Tet, or Lunar New Year, celebrations are a private family affair in many cases, but we still managed to
find ourselves amongst the thick of it.
We had moved to a nice hotel in the tourist part of the city, a little more expensive than what we’re used to, but it was worth it.
Our receptionist had nothing but giggles when we asked her what we could do to observe the celebrations.
“Oh Saigon is closed over Tet,” she giggled. “The market is closed, the war museum is closed,” more giggles.
We told her that was okay, we had already seen the attractions. She gave us a map anyway, showing the way to Times Square, where the annual flower display was on.
“Better you go now,” she giggled. “Vietnamese are afraid of the sun. We do not like the sun, hehe, it will be busy later when the sun goes down.”
So Times Square was where we began after filling our bellies with pho.
And it was beautiful. The theme of course was year of the monkey, but they weren’t the only feature. My favourite was a giant globe with Australia pointing to us. There were even cherry tomatoes climbing up vines.
After a rest we headed back that way to find a good spot to watch the fireworks. We were on foot luckily, because it was difficult enough to get through the throngs of motorbikes also heading to the fireworks. Many of them lined the footpaths and the roads, just sitting on their bikes in anticipation.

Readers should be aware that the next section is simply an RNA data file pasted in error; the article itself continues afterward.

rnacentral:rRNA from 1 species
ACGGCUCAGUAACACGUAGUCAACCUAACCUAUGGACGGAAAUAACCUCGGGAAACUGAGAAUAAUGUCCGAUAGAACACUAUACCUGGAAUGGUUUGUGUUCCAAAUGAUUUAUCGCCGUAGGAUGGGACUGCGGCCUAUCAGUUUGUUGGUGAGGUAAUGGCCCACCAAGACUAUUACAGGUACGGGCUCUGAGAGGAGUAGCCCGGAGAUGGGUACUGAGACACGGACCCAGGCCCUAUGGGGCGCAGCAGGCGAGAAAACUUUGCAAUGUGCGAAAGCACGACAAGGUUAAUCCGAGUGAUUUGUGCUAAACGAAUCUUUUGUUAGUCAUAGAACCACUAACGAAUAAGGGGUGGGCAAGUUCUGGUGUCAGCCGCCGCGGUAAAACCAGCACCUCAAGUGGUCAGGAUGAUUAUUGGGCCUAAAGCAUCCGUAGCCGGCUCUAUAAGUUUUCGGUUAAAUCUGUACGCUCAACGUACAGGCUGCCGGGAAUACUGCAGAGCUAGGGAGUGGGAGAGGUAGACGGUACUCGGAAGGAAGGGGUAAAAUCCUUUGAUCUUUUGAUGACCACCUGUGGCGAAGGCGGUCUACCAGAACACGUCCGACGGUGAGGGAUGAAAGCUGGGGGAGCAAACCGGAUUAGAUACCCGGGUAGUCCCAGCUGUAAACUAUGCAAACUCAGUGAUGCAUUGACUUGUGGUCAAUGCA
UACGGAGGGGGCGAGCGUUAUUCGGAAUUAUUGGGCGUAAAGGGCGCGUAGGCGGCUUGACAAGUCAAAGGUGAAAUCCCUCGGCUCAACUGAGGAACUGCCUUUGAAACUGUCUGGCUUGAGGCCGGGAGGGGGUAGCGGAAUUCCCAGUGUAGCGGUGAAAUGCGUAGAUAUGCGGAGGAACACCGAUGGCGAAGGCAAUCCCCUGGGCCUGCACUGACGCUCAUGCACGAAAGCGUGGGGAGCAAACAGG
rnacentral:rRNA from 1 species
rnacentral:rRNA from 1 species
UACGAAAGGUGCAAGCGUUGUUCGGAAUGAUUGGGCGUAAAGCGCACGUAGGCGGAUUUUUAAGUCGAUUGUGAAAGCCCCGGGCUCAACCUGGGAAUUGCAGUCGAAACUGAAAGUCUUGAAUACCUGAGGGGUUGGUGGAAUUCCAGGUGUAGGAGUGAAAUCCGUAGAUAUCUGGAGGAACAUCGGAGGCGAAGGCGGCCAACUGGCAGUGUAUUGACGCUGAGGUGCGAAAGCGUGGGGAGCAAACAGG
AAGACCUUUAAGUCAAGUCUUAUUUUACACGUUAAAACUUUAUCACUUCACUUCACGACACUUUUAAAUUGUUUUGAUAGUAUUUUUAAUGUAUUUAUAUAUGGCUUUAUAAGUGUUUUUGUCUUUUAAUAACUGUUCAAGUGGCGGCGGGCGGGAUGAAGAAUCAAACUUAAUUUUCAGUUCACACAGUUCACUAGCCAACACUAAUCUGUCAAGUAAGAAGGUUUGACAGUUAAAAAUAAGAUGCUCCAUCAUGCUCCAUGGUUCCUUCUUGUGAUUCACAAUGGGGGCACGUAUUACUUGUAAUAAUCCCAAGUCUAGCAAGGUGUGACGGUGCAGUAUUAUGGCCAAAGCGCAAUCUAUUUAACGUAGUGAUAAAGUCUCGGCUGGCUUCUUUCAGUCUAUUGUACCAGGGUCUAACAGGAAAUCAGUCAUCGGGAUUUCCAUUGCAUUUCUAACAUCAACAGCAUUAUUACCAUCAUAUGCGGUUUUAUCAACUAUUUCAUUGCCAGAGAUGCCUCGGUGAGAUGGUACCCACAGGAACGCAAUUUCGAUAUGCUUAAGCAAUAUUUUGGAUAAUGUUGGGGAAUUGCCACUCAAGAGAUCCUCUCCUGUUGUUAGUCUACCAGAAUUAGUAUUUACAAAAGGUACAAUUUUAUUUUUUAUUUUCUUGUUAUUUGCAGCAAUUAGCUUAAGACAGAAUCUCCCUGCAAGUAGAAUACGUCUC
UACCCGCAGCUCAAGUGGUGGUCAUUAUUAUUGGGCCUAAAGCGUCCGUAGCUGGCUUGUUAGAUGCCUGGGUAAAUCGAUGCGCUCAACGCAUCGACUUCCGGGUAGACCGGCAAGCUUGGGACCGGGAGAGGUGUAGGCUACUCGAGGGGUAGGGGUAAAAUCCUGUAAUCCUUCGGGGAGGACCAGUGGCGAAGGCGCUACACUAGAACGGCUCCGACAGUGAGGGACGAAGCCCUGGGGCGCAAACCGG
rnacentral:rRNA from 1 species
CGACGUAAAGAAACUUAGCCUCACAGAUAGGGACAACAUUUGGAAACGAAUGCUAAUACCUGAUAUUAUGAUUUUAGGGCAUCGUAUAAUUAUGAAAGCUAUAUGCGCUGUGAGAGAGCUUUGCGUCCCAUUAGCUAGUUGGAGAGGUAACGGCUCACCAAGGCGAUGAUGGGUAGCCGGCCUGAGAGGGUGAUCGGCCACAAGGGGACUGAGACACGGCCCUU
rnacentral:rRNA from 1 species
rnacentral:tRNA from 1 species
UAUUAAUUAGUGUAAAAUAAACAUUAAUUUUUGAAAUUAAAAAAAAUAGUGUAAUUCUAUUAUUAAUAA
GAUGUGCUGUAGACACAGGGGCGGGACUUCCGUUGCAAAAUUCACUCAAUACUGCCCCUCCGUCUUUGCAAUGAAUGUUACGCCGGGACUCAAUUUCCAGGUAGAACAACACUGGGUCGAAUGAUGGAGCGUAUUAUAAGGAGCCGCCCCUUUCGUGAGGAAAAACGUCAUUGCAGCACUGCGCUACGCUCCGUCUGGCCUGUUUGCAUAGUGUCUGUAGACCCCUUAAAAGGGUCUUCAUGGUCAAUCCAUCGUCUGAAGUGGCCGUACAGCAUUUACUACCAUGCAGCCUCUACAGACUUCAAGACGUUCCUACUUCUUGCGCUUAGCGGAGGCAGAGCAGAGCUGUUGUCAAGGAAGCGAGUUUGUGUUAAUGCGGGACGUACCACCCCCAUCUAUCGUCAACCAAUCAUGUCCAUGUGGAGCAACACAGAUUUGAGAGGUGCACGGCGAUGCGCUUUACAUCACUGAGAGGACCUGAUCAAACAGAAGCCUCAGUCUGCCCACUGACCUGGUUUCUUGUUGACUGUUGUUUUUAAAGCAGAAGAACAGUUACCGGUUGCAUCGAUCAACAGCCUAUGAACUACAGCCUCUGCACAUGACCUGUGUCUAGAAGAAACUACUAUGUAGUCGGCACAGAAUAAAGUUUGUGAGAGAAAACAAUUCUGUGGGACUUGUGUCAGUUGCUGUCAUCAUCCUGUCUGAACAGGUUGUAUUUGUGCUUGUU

We found a good patch of grass in the middle of the four lane road and sat enjoying the show.
The next day we headed out to district five, Chinatown. We went back to the same pagodas we had visited a week earlier, when there were a few people here and there making offerings and praying,
But for the first day of new year, we couldn’t get inside the temples. People were moving packed in like
sardines, with one arm in the air holding incense sticks or flowers.
We enjoyed standing outside across the street and just observing, watching friends hug, strangers give offerings to monks, and children who would rather be home playing.
There were plenty of eateries open to give us choice in what we wanted without having to go to the tourist places (read: expensive).
Even though we set out on the second day of Tet, we came across plenty of happy people, wishing us well and telling us happy new year, so we repeated back to them: chook mung nam moi.